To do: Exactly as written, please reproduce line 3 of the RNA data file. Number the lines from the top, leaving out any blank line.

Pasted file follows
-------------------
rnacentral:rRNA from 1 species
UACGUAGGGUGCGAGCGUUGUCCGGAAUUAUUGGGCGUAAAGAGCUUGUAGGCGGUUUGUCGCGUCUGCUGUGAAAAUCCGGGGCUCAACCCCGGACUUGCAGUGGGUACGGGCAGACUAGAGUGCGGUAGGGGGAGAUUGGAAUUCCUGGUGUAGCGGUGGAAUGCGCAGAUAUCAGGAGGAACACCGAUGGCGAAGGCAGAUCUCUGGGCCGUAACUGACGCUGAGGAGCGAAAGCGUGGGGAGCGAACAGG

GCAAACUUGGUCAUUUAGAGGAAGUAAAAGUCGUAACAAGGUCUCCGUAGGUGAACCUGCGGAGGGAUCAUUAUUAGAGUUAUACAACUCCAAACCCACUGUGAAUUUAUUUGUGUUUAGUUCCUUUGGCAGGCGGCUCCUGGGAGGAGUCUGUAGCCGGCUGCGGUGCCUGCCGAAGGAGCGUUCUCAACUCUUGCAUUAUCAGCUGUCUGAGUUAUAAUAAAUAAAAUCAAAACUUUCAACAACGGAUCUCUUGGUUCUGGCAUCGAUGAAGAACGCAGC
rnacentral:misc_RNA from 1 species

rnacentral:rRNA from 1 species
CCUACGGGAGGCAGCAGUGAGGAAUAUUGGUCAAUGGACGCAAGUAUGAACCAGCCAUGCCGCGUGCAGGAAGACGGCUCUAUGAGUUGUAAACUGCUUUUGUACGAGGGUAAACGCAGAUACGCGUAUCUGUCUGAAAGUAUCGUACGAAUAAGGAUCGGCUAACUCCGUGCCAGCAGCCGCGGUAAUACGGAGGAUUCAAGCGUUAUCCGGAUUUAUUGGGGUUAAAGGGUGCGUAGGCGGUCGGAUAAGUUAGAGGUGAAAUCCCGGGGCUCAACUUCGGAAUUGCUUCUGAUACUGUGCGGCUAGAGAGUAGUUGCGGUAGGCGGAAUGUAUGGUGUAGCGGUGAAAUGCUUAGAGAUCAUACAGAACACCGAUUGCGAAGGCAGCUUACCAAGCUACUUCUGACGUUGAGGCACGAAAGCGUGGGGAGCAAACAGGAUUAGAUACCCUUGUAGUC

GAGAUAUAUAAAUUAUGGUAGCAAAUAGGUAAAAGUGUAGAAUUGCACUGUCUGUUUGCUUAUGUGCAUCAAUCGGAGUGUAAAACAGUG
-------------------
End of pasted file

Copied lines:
GCAAACUUGGUCAUUUAGAGGAAGUAAAAGUCGUAACAAGGUCUCCGUAGGUGAACCUGCGGAGGGAUCAUUAUUAGAGUUAUACAACUCCAAACCCACUGUGAAUUUAUUUGUGUUUAGUUCCUUUGGCAGGCGGCUCCUGGGAGGAGUCUGUAGCCGGCUGCGGUGCCUGCCGAAGGAGCGUUCUCAACUCUUGCAUUAUCAGCUGUCUGAGUUAUAAUAAAUAAAAUCAAAACUUUCAACAACGGAUCUCUUGGUUCUGGCAUCGAUGAAGAACGCAGC